This website has been created by young people whose brothers or sisters have died. There are multiple stories from young people about their experiences. This is the story of Gemma who was 11 when her younger brother Ryan died from acute myeloid leukemia.
My name is Gemma and I am 21 years old. In 2009, when I was 11 years old, my younger brother Ryan passed away from acute myeloid leukemia. Ryan was only 7 years old when he died and had been ill for a couple of years.
Ryan spent most of the two years in hospital, coming out for a few days at a time. I still had a lot of fun with Ryan, playing computer games like club penguin with him both in the hospital, and whilst we were separate, and then playing pretend games at home, and reading him bedtime stories at night. One of the hardest parts of his treatment was when he spent 6 weeks in the bone marrow transplant unit, and I was too young to be allowed to visit him. We had to keep in touch via Skype and email, and it was difficult to be apart from him for so long – all I wanted to do as a big sister was hug my younger brother and make it better for him. I felt very protective of Ryan, and when we got to spend the afternoon out of the hospital together, I’d glare at anyone who stared at his bald head and nose tube.
Ryan had entered remission a couple of times. I remember being told that his cancer had come back, but this time treatment wouldn’t work. That was the second to worst day of my life. I felt completely destroyed and helpless, and I couldn’t imagine not having Ryan there. I remember sitting up for the entire night. I’ll never forget that feeling being told your little brother was going to die.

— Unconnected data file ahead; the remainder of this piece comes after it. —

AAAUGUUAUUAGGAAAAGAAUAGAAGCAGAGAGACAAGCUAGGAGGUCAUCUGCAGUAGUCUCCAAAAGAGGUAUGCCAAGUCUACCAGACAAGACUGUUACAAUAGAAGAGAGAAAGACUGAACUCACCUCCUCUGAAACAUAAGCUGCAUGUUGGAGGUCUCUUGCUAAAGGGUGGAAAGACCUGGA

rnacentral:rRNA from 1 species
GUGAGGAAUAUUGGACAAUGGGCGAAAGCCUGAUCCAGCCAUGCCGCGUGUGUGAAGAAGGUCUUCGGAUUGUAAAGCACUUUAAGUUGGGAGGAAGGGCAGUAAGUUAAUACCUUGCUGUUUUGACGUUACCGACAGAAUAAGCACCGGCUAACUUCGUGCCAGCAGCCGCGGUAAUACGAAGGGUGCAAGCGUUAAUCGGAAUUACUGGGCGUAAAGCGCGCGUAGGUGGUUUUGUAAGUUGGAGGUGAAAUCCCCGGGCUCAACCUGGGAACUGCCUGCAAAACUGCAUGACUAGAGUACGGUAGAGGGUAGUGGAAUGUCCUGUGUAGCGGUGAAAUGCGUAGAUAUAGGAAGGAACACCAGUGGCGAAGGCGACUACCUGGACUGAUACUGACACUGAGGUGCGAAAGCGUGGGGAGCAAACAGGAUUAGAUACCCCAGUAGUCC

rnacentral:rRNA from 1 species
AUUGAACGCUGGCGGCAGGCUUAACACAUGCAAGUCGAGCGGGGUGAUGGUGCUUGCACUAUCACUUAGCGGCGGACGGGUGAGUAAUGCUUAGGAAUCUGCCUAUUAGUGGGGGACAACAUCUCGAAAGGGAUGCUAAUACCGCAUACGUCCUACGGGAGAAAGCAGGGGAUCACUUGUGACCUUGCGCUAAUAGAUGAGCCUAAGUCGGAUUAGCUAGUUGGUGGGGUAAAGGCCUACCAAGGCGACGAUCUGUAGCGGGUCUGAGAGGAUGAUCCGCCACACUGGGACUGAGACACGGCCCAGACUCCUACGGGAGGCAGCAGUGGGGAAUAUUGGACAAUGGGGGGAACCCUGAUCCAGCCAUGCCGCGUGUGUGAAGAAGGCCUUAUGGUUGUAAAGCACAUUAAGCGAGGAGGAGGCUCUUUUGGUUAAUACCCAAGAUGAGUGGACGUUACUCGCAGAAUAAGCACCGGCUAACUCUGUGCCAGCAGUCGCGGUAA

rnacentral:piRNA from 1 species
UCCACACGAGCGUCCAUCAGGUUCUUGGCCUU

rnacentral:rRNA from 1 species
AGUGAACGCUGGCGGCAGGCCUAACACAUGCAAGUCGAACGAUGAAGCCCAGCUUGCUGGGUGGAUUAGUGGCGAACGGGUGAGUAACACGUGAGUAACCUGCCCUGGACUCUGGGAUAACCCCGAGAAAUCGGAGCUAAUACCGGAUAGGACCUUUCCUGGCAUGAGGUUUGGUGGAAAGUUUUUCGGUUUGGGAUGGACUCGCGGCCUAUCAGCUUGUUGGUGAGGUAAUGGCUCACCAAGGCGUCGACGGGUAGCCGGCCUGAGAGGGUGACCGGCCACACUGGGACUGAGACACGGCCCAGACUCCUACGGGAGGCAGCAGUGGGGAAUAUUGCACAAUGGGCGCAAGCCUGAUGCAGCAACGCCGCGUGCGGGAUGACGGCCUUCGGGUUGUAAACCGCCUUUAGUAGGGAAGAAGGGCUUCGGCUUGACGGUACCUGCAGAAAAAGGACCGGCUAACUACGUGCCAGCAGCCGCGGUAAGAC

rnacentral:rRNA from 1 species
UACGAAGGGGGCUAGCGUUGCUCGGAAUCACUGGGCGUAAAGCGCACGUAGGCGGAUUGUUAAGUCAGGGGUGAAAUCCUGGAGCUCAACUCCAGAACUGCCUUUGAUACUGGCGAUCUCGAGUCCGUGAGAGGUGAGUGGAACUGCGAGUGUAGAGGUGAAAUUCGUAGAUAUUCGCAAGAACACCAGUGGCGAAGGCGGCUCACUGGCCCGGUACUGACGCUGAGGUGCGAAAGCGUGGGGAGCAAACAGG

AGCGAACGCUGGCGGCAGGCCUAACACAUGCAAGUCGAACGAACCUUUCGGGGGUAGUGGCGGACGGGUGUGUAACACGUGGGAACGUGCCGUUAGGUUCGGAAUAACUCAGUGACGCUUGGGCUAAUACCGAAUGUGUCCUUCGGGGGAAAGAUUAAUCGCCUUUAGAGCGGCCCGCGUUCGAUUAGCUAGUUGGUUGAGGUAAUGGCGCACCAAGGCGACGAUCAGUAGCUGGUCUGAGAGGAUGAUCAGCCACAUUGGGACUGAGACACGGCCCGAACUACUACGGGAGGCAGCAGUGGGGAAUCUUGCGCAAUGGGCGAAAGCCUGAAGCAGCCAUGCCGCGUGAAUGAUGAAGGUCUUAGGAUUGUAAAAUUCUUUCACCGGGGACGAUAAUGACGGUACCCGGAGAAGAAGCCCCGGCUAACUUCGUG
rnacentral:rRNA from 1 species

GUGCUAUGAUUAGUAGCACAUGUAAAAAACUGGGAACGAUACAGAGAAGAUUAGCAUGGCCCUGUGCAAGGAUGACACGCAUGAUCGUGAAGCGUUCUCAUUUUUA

Ryan passed away on the 24th August 2009 at a children’s hospice. I didn’t know how to feel when he died. I was lucky to have the support of the sibling’s team at the hospice to help get by but the grief never really hit me. I often felt forgotten, being told to be good for my parents as it was a hard time, but it was a hard time for me too. Ryan’s funeral was the same day as my first day at high school. I had to go in to collect my timetable, then go to his funeral. I found the funeral very hard, and that’s when the grief first hit me. I wanted to jump into the ground after his casket, but I was held back by family members. I don’t remember much else from the funeral.
It will be 10 years this year since I lost Ryan. I still experience waves of grief. I still dread being asked if I have siblings, I still feel guilty about times when I wouldn’t play with him. But as time goes on, you learn how to cope. I miss Ryan terribly, but there’s not a day that goes by where I don’t think of him. I get prouder of him each day, and I try to tell stories about him as often as I can. Keeping his memory alive is so important to me, and I’m now at a place when I smile and laugh at our memories more than I cry. It’s so important to remember you are allowed to be happy, and not being sad all the time doesn’t make you a bad sibling at all!
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